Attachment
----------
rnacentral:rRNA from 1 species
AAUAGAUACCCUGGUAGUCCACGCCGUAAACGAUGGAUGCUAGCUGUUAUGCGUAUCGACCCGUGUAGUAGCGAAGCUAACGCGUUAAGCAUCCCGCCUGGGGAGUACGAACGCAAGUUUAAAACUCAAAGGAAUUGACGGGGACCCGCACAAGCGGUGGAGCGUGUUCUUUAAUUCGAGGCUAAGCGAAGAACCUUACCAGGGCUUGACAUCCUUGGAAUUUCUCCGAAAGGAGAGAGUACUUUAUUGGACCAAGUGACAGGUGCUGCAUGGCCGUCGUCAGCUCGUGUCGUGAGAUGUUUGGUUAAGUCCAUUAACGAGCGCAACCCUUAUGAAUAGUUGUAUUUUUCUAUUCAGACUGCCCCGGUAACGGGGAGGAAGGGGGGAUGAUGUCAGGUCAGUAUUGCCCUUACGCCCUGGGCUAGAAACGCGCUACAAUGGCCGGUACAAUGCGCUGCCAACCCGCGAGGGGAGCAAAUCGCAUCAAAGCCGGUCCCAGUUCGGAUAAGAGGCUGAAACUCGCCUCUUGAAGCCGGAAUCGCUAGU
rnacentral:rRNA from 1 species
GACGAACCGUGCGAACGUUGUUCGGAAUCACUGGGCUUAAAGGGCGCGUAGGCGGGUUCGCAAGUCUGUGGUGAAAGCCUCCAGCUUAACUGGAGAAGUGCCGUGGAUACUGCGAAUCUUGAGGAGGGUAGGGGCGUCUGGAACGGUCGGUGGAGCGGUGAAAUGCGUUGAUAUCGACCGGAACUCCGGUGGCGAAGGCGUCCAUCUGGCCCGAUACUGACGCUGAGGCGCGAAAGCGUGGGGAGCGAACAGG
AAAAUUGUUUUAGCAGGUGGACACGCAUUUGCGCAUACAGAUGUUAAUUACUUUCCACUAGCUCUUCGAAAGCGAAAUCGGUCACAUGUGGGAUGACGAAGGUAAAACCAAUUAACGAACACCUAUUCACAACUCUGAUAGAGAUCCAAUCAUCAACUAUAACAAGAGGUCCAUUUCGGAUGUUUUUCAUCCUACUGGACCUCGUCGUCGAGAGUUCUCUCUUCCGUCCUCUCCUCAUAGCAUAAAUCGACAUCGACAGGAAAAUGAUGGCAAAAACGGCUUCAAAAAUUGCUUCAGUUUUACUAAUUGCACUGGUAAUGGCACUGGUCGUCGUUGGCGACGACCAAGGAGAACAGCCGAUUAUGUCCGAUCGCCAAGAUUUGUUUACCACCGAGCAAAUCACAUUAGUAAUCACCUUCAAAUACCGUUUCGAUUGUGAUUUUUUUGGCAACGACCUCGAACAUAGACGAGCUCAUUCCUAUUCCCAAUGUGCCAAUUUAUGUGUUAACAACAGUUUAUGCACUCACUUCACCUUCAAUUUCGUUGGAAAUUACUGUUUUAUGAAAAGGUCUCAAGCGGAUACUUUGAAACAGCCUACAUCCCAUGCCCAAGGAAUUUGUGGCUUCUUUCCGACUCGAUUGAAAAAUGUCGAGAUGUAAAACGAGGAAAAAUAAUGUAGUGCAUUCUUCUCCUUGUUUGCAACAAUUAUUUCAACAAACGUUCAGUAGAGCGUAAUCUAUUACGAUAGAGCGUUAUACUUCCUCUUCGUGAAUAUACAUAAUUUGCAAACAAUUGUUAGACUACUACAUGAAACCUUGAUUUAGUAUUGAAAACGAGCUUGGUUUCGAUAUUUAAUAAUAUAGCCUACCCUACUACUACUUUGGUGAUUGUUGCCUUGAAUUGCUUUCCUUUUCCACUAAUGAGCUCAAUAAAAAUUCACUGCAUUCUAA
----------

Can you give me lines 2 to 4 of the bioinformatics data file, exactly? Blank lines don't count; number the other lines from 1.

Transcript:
AAUAGAUACCCUGGUAGUCCACGCCGUAAACGAUGGAUGCUAGCUGUUAUGCGUAUCGACCCGUGUAGUAGCGAAGCUAACGCGUUAAGCAUCCCGCCUGGGGAGUACGAACGCAAGUUUAAAACUCAAAGGAAUUGACGGGGACCCGCACAAGCGGUGGAGCGUGUUCUUUAAUUCGAGGCUAAGCGAAGAACCUUACCAGGGCUUGACAUCCUUGGAAUUUCUCCGAAAGGAGAGAGUACUUUAUUGGACCAAGUGACAGGUGCUGCAUGGCCGUCGUCAGCUCGUGUCGUGAGAUGUUUGGUUAAGUCCAUUAACGAGCGCAACCCUUAUGAAUAGUUGUAUUUUUCUAUUCAGACUGCCCCGGUAACGGGGAGGAAGGGGGGAUGAUGUCAGGUCAGUAUUGCCCUUACGCCCUGGGCUAGAAACGCGCUACAAUGGCCGGUACAAUGCGCUGCCAACCCGCGAGGGGAGCAAAUCGCAUCAAAGCCGGUCCCAGUUCGGAUAAGAGGCUGAAACUCGCCUCUUGAAGCCGGAAUCGCUAGU
rnacentral:rRNA from 1 species
GACGAACCGUGCGAACGUUGUUCGGAAUCACUGGGCUUAAAGGGCGCGUAGGCGGGUUCGCAAGUCUGUGGUGAAAGCCUCCAGCUUAACUGGAGAAGUGCCGUGGAUACUGCGAAUCUUGAGGAGGGUAGGGGCGUCUGGAACGGUCGGUGGAGCGGUGAAAUGCGUUGAUAUCGACCGGAACUCCGGUGGCGAAGGCGUCCAUCUGGCCCGAUACUGACGCUGAGGCGCGAAAGCGUGGGGAGCGAACAGG